Okay, before I end this post I do need to address the elephant in the room. People who don’t want to hear about potential real issues, you have been warned.  From this point on, it’s real talk about real issues.  And also spoilers.

There’s been a lot of talk in various online circles about the Box Trolls since it hit early previews that the film should be avoided and even boycotted due to it being transphobic or transmisogynistic and that it makes fun of trans women.  The problem really with that statement is that as a completely cis-het white male, I’m not in any sort of position of telling people how they should FEEL about something in the movie.  But what I can do is offer my observations on the events of the film because from what I saw it didn’t seem exactly that transphobic.

I know, I know! “Vry you just said you were a Cis-Het White American Male! Why should we even listen to you!”  And that is fair.  You might not listen to me.  And by no means am I saying you must but allow me to present why I am saying that before my opinion is dismissed.  You see, without going into too many spoilers (there are some. You have been warned.) It’s revealed about halfway through the film (or a third of the way if you’re half smart and figure it out yourself) that the local star of stage Madam Frou Frou is in fact the villain, Mister Snatcher, dressed in women’s clothing.  He does this to perform a show that paints the box trolls as hideous monsters that need to be exterminated by – well – Snatcher, and he also uses the persona of Frou Frou to hobnob with the social elite that he longs to be a part of (They are called White Hats, where Snatcher and his crew are lowly bottom-of-the-city working class Red Hats).  Those are the only times we ever see Snatcher dress or act as a woman and in fact drops the Frou Frou voice and any pretense of not being a man as soon as the rich people are out of sight.  At no point in the film does he ever wish to identify as a woman, or become a woman, beyond putting on the show and milking the fame it comes with.  The fact that he dresses as a woman is used to comedic effect TWICE.  Once is when Eggs tries to expose him and as Frou Frou pretends that ‘she’ wears a wig and not that the identity is fake to maintain face among the rich, and when the rich people finally figure it out the Lord of the town makes a passing, completely ambiguous “I regret so many things now.”

So is this transphobic?  Well, it’s a difficult thing to put in a box actually (see what I did there?)  From my research (yes, I actually try to read up when I’m dealing with REAL issues) there are several ways the term transgendered can be used and in some ways it refers specifically to people who were born one gender but identify as another gender.  However, some broader definitions of the term include any activity where one gender takes on traits, dresses like, or presents oneself as another gender, in which this definitely fits.  See, Snatcher’s persona of Madam Frou Frou would technically be Drag – presenting yourself as another gender for the purpose of entertainment or performance.  He does not identify as a woman, wish he was born a woman, or desires to be a woman outside of his time performing or hobnobbing as a consequence of performing.  One is to promote his business, and the other is to temporarily live the life of his dreams.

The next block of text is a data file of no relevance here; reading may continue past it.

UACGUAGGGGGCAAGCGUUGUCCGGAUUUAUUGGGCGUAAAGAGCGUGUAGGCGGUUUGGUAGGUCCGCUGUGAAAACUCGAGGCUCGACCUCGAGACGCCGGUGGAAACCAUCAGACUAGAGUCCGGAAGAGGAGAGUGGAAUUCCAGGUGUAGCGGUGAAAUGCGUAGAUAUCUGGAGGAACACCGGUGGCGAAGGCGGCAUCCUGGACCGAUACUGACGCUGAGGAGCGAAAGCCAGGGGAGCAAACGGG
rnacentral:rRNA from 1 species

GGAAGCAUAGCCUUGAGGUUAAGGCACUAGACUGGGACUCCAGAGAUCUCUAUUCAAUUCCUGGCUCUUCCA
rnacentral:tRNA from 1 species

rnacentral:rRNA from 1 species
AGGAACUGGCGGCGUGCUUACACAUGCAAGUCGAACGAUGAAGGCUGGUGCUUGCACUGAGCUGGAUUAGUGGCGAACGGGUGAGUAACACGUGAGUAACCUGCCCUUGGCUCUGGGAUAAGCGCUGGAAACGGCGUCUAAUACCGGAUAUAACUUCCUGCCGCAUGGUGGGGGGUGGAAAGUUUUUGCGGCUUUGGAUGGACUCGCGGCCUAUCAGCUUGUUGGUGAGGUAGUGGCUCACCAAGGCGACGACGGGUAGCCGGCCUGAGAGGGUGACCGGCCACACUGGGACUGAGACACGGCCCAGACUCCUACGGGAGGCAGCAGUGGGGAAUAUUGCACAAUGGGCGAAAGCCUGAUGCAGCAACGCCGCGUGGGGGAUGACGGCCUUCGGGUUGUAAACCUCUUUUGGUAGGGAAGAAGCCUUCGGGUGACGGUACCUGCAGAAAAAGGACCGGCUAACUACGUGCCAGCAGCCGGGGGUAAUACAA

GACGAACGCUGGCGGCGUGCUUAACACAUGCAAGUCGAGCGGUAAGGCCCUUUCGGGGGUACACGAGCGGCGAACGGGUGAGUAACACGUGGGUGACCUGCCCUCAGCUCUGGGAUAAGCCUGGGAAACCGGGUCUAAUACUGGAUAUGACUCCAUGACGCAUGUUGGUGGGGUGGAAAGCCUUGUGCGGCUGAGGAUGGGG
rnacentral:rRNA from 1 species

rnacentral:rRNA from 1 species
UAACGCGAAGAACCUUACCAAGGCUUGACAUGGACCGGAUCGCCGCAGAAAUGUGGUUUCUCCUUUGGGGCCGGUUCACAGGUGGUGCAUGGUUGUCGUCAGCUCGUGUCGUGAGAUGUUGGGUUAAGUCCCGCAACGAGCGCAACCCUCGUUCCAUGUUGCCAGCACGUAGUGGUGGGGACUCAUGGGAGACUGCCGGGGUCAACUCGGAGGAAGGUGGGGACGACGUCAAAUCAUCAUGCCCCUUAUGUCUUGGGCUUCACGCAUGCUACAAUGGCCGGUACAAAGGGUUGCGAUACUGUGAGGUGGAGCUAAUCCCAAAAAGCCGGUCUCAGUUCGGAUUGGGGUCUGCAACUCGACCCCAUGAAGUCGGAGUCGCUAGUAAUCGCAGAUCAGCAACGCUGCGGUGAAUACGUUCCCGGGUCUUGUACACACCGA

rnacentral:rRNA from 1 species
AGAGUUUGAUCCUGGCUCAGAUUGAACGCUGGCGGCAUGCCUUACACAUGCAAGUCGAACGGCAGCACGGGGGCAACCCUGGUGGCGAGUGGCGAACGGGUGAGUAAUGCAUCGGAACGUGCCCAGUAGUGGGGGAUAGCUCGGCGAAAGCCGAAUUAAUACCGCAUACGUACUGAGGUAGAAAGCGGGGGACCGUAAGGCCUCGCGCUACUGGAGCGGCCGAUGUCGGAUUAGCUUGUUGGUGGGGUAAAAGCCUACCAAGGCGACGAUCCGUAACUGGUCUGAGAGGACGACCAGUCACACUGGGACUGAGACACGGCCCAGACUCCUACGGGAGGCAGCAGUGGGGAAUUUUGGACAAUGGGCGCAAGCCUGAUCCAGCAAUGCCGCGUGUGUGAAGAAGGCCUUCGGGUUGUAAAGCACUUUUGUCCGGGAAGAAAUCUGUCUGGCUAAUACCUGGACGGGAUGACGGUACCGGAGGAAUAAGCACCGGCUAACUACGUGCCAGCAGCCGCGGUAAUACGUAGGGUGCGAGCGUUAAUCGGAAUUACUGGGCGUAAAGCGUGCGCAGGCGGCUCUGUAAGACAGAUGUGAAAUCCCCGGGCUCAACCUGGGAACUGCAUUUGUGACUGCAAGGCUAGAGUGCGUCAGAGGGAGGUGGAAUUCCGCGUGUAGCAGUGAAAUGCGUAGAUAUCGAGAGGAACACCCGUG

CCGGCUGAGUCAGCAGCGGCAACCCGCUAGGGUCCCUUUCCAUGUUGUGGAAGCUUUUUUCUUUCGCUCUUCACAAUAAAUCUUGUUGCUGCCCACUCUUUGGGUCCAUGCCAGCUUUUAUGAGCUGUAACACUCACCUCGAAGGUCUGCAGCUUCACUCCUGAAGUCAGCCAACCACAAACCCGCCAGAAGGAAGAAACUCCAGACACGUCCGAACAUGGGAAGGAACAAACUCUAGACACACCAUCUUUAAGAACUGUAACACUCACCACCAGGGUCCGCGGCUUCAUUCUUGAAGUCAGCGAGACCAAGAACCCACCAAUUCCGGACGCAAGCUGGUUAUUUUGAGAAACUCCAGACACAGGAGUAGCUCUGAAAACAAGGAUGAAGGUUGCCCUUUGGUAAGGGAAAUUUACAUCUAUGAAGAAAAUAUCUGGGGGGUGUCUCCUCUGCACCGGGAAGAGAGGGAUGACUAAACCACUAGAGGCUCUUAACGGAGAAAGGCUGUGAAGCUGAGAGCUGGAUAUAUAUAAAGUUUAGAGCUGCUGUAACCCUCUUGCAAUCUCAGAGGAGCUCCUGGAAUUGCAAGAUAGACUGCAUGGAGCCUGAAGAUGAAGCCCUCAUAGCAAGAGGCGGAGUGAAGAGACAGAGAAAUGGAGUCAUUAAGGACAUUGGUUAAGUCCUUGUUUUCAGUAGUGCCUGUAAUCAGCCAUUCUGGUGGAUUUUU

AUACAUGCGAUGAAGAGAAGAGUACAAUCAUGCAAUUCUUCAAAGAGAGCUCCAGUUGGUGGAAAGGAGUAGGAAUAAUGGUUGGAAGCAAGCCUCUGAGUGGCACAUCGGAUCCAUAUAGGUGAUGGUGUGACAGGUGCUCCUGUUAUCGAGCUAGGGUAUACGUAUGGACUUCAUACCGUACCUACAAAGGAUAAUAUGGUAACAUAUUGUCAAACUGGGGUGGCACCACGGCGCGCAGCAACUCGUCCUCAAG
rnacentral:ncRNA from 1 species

However beyond the wig joke,  the Lord’s embarrassment at finding out his dream gal is actually the man he’s been so disgusted of he refuses to usually let him in the door of the house when they speak, and how atrociously bad his Madam Frou Frou outfit is (It’s a dress, wig, and make up. Nothing else.) The entire concept is never really treated as a joke.  At no point is he vilified for putting on a drag show after its revealed.  Heck, Snatcher is the one who lets it drop that he IS Madam Frou Frou to rub it into the Lord’s face that he was so easily duped.

Though again from what I’ve read there are real issues between drag performers and transgendered people.  Namely that there are trans folks out there who feel that drag is an insult that mocks the very real and difficult issues they have to deal with.  That drag gives a negative public image to people who then turn around and think all trans people are just “cross dressing weirdos” or something and this has created a very real rift between the two groups.  So for that reason,  I can’t just write off the complaints of transphobia as complaining for the sake of complaining.  If you are trans person who takes real offense to drag, then yes, you probably will find parts of this film offensive because those elements exist in it.  I can’t tell you not to be offended by that.  It’s not my place.